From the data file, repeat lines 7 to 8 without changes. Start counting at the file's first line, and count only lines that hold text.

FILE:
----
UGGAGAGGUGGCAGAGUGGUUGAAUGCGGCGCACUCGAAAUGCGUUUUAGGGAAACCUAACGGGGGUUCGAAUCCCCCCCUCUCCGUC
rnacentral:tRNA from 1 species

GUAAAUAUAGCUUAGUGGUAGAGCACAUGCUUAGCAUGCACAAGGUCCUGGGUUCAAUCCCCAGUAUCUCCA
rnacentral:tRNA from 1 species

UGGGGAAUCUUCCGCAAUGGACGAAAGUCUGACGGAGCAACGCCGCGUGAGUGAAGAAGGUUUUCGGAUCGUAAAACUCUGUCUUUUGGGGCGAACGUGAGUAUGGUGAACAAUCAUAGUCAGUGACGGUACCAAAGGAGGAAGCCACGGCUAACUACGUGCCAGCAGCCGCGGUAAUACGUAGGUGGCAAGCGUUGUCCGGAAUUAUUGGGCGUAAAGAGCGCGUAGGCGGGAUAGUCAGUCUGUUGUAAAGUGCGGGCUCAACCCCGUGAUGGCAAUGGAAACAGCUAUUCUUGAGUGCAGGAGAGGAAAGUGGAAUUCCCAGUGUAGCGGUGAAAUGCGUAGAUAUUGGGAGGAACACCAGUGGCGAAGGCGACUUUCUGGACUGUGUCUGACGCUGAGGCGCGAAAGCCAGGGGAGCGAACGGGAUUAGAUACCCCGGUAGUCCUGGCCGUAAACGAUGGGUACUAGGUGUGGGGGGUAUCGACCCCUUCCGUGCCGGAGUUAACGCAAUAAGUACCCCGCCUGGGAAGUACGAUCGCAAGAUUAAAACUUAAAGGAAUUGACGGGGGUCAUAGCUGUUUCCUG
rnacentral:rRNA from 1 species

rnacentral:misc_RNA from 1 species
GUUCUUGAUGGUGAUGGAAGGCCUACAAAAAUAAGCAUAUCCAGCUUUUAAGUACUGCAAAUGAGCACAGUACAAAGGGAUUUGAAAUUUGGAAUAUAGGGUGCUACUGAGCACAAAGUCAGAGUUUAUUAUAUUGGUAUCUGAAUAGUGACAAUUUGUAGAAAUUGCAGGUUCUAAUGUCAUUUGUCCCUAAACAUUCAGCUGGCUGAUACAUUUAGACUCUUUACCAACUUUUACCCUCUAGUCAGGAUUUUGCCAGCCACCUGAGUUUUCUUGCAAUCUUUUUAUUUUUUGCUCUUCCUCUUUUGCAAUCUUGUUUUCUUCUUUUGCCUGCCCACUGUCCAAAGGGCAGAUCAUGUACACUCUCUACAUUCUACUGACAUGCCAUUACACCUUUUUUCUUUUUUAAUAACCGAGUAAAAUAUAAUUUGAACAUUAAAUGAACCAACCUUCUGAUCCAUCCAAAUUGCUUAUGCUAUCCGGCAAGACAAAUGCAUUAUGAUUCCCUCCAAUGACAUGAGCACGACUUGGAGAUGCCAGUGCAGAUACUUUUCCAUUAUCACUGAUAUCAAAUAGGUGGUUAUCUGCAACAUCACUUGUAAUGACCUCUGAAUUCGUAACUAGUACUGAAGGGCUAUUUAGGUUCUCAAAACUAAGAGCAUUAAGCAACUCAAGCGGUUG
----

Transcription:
rnacentral:misc_RNA from 1 species
GUUCUUGAUGGUGAUGGAAGGCCUACAAAAAUAAGCAUAUCCAGCUUUUAAGUACUGCAAAUGAGCACAGUACAAAGGGAUUUGAAAUUUGGAAUAUAGGGUGCUACUGAGCACAAAGUCAGAGUUUAUUAUAUUGGUAUCUGAAUAGUGACAAUUUGUAGAAAUUGCAGGUUCUAAUGUCAUUUGUCCCUAAACAUUCAGCUGGCUGAUACAUUUAGACUCUUUACCAACUUUUACCCUCUAGUCAGGAUUUUGCCAGCCACCUGAGUUUUCUUGCAAUCUUUUUAUUUUUUGCUCUUCCUCUUUUGCAAUCUUGUUUUCUUCUUUUGCCUGCCCACUGUCCAAAGGGCAGAUCAUGUACACUCUCUACAUUCUACUGACAUGCCAUUACACCUUUUUUCUUUUUUAAUAACCGAGUAAAAUAUAAUUUGAACAUUAAAUGAACCAACCUUCUGAUCCAUCCAAAUUGCUUAUGCUAUCCGGCAAGACAAAUGCAUUAUGAUUCCCUCCAAUGACAUGAGCACGACUUGGAGAUGCCAGUGCAGAUACUUUUCCAUUAUCACUGAUAUCAAAUAGGUGGUUAUCUGCAACAUCACUUGUAAUGACCUCUGAAUUCGUAACUAGUACUGAAGGGCUAUUUAGGUUCUCAAAACUAAGAGCAUUAAGCAACUCAAGCGGUUG